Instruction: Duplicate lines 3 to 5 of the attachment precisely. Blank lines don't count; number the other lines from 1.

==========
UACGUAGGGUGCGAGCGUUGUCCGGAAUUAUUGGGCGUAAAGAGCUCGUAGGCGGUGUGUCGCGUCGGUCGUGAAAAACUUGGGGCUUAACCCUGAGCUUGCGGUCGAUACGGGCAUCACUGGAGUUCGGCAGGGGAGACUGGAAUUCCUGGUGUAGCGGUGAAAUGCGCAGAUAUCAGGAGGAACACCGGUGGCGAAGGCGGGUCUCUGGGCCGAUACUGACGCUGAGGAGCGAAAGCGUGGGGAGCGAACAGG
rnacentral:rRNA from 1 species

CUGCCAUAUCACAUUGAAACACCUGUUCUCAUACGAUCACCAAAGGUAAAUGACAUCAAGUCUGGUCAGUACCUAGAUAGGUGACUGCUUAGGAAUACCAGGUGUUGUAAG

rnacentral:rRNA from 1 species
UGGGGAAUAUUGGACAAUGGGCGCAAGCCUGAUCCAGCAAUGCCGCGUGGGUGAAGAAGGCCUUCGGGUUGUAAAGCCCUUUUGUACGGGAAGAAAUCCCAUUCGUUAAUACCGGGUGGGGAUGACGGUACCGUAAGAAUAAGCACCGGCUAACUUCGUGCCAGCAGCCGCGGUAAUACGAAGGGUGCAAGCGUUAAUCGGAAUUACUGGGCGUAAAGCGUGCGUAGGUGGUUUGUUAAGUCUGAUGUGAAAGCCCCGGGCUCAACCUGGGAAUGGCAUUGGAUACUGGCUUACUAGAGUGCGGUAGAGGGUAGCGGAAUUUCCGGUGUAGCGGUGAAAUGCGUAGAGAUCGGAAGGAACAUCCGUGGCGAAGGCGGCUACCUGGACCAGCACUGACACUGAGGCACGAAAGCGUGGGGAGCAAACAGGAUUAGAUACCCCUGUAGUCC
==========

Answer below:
CUGCCAUAUCACAUUGAAACACCUGUUCUCAUACGAUCACCAAAGGUAAAUGACAUCAAGUCUGGUCAGUACCUAGAUAGGUGACUGCUUAGGAAUACCAGGUGUUGUAAG

rnacentral:rRNA from 1 species
UGGGGAAUAUUGGACAAUGGGCGCAAGCCUGAUCCAGCAAUGCCGCGUGGGUGAAGAAGGCCUUCGGGUUGUAAAGCCCUUUUGUACGGGAAGAAAUCCCAUUCGUUAAUACCGGGUGGGGAUGACGGUACCGUAAGAAUAAGCACCGGCUAACUUCGUGCCAGCAGCCGCGGUAAUACGAAGGGUGCAAGCGUUAAUCGGAAUUACUGGGCGUAAAGCGUGCGUAGGUGGUUUGUUAAGUCUGAUGUGAAAGCCCCGGGCUCAACCUGGGAAUGGCAUUGGAUACUGGCUUACUAGAGUGCGGUAGAGGGUAGCGGAAUUUCCGGUGUAGCGGUGAAAUGCGUAGAGAUCGGAAGGAACAUCCGUGGCGAAGGCGGCUACCUGGACCAGCACUGACACUGAGGCACGAAAGCGUGGGGAGCAAACAGGAUUAGAUACCCCUGUAGUCC